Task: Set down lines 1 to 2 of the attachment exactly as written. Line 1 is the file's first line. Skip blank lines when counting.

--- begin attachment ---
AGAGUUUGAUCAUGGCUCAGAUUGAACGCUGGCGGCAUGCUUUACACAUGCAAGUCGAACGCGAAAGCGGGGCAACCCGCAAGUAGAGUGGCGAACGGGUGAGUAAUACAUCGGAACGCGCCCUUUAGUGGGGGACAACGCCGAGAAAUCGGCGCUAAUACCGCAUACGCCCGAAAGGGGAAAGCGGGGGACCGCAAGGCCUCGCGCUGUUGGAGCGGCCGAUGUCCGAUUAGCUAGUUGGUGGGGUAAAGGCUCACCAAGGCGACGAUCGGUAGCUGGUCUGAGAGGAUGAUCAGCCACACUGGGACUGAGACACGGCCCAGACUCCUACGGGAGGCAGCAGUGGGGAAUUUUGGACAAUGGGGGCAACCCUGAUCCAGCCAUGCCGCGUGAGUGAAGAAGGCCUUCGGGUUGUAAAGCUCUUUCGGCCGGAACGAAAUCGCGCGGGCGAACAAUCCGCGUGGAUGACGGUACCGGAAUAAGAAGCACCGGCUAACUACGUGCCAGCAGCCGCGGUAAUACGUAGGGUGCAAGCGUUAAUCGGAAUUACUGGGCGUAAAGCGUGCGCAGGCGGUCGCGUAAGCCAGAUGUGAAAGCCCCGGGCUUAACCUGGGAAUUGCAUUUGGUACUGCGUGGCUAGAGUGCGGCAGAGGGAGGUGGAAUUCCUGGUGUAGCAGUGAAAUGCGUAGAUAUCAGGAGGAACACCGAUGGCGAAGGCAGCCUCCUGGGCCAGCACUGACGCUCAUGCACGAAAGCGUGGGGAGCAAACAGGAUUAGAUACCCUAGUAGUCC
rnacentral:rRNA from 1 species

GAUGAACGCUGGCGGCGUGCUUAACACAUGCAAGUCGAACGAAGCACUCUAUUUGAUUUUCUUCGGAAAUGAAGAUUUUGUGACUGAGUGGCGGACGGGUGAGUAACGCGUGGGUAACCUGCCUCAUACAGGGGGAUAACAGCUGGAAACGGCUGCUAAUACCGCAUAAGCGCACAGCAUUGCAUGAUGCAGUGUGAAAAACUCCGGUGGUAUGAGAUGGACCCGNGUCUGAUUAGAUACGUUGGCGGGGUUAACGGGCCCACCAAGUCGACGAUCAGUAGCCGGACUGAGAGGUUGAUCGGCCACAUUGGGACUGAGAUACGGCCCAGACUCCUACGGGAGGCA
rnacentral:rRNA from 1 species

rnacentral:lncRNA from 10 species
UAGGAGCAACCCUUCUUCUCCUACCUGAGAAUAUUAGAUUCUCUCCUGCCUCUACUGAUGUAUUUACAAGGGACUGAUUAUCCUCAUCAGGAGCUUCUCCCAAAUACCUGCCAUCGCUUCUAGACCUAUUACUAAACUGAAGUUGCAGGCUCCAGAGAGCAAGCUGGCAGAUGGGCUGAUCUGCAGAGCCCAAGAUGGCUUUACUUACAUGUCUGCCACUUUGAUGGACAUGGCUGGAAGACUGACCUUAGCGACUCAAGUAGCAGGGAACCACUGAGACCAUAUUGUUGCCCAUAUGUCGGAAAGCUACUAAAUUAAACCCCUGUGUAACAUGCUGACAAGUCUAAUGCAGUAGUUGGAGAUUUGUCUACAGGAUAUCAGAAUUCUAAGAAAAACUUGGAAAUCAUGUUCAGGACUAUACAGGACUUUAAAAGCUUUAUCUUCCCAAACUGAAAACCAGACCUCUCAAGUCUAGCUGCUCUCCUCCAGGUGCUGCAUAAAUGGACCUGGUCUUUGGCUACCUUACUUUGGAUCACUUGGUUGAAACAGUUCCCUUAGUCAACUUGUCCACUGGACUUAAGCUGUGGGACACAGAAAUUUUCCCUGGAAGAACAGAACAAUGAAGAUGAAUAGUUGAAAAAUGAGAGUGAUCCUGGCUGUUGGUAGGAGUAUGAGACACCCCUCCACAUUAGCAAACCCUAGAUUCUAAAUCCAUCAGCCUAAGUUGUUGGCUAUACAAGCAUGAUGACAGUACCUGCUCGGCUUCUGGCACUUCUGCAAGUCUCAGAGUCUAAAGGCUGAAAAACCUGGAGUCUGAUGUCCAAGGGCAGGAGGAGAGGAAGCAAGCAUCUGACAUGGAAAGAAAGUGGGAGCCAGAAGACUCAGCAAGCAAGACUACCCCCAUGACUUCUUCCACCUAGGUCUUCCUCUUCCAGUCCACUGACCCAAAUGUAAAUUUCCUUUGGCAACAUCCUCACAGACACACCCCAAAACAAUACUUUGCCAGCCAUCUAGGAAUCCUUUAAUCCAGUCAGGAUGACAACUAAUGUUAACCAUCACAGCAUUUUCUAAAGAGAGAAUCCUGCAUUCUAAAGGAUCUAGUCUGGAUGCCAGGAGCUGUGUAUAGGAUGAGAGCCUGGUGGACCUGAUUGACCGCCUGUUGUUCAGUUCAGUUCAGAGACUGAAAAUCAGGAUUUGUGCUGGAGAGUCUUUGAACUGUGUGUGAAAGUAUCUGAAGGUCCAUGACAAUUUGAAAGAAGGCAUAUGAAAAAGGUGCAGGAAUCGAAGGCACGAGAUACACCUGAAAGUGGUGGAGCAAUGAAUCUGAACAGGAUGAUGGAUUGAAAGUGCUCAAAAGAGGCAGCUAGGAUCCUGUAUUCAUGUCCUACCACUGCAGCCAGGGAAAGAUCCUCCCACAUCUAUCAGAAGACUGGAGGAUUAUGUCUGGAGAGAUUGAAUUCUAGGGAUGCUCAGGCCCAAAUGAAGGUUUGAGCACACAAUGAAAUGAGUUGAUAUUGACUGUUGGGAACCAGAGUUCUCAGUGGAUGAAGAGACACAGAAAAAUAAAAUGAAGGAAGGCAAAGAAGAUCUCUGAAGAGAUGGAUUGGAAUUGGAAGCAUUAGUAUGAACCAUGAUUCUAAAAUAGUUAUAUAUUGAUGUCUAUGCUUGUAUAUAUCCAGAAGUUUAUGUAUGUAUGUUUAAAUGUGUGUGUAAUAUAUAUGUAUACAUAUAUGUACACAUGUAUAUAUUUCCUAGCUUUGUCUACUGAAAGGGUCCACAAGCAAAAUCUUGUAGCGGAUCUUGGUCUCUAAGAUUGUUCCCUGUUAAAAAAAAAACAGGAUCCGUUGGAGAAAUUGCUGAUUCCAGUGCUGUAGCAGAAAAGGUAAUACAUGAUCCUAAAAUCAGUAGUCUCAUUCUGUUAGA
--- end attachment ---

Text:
AGAGUUUGAUCAUGGCUCAGAUUGAACGCUGGCGGCAUGCUUUACACAUGCAAGUCGAACGCGAAAGCGGGGCAACCCGCAAGUAGAGUGGCGAACGGGUGAGUAAUACAUCGGAACGCGCCCUUUAGUGGGGGACAACGCCGAGAAAUCGGCGCUAAUACCGCAUACGCCCGAAAGGGGAAAGCGGGGGACCGCAAGGCCUCGCGCUGUUGGAGCGGCCGAUGUCCGAUUAGCUAGUUGGUGGGGUAAAGGCUCACCAAGGCGACGAUCGGUAGCUGGUCUGAGAGGAUGAUCAGCCACACUGGGACUGAGACACGGCCCAGACUCCUACGGGAGGCAGCAGUGGGGAAUUUUGGACAAUGGGGGCAACCCUGAUCCAGCCAUGCCGCGUGAGUGAAGAAGGCCUUCGGGUUGUAAAGCUCUUUCGGCCGGAACGAAAUCGCGCGGGCGAACAAUCCGCGUGGAUGACGGUACCGGAAUAAGAAGCACCGGCUAACUACGUGCCAGCAGCCGCGGUAAUACGUAGGGUGCAAGCGUUAAUCGGAAUUACUGGGCGUAAAGCGUGCGCAGGCGGUCGCGUAAGCCAGAUGUGAAAGCCCCGGGCUUAACCUGGGAAUUGCAUUUGGUACUGCGUGGCUAGAGUGCGGCAGAGGGAGGUGGAAUUCCUGGUGUAGCAGUGAAAUGCGUAGAUAUCAGGAGGAACACCGAUGGCGAAGGCAGCCUCCUGGGCCAGCACUGACGCUCAUGCACGAAAGCGUGGGGAGCAAACAGGAUUAGAUACCCUAGUAGUCC
rnacentral:rRNA from 1 species